The emerald ash borer, also known by the acronym EAB, is a green buprestid or jewel beetle native to north-eastern Asia that feeds on ash species. Females lay eggs in bark crevices on ash trees, and larvae feed underneath the bark of ash trees to emerge as adults in one to two years. The Emerald Ash Borer (Agrilus planipennis or EAB) is responsible for the destruction of tens of millions of ash trees in 30 states. Native to Asia, it likely arrived in the United States hidden in wood packing materials. The first U.S. identification of Emerald Ash Borer was in southeastern Michigan in 2002. Please look up this insect on the internet for photos and added info.
Please remember to close and lock the clubhouse and front gate if you are the last person there. Too often they are left open. If you do lock them up, it will save the club the expense of installing monitoring devices to record users. Our situation is that if left open, our club could be ransacked, burned, or a non-member may be injured and sue us. Thanks.
Please do not throw live ammo in the burn barrels, they explode when burned scaring the hell out of people if not the possibility of a bullet wounding or killing someone. As a matter of fact, what are we doing throwing any ammo (live, missfires, used cartridges, etc.) in a burn barrel? We have modified ammo boxes at each location to accept missfires, live rounds, etc. Please use these boxes.
Shoot safely and have fun!
Slate Dump Shooting
Please call the North Huntingdon Police (724) 863-8800) to report shooting at the slate dump (West of our ranges beside RR tracks). We need you to help us record when this happens on the official documentation at the Police Department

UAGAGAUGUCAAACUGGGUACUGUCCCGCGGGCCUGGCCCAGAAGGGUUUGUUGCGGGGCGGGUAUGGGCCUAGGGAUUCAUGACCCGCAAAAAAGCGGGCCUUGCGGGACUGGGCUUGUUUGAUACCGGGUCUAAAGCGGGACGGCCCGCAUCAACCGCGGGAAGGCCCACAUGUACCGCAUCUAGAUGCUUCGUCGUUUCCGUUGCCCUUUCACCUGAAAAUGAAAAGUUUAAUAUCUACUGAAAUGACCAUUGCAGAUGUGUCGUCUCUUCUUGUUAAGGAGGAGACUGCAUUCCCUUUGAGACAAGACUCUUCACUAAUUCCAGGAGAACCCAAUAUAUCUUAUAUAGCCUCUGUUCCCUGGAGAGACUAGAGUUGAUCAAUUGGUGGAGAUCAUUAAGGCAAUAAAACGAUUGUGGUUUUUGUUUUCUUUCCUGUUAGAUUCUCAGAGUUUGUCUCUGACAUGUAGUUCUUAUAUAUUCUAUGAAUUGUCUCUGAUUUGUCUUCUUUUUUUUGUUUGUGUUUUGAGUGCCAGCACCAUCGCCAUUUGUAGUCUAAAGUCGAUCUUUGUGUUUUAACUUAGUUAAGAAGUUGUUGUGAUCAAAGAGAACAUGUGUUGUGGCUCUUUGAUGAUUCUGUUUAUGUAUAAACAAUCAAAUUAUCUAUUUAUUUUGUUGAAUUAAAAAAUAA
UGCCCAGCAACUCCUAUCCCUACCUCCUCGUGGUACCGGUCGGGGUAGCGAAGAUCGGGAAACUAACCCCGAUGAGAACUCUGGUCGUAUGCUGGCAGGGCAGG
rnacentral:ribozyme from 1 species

ISA ballcaps Available for New Years, birthday, and general purpose gifts for only $15 from Dan Nave
WHAT ELSE IS GOING ON
An ISA member and have something you don't use anymore? Lose something? Need something? Send info by firstname.lastname@example.org to list on the For Sale, Found, Wanted listing. It will be listed for at least 3 months unless you contact us to extend it. Also, if the listing is out of date, please email or call us.
We have entered into an agreement with Manor and Irwin Boroughs to allow their police to train and qualify on our pistol and long rifle ranges. They have paid to have member rights. ISA will have a representative on hand during the scheduled dates to assist.
If you are not getting a monthly Newsletter and want one (email saves up to about a dollar per month over mail) please contact Smokey Burdin. If you want to change or add an email, please let us know. Thanks.
If you or your young person harvests game, please send me a photo. I will put it on the webpage and room permitting, the newsletter. They will be excited to see their photo. Send photos to email@example.com.
There is a lot of information and fun to read matters in Outdoor News magazine. One way to get it is to go to this site http://www.outdoornews.com/Pennsylvania/. You can go to other states or a general category can be viewed. You can also subscribe to regular emails and/or magazine from them.
(Click on sponsor card below to enlarge, CLOSE and movement arrows at the bottom of the enlargement to return)
National Rifle Association Pennsylvania Rifle and Pistol Association Pennsylvania State Pistol Silhouette Association NRA Approved Small Bore Hunters Pistol and Hunter Pistol Silhouette Pennsylvania Federation of Sportsmen's Clubs and Wildlife Institute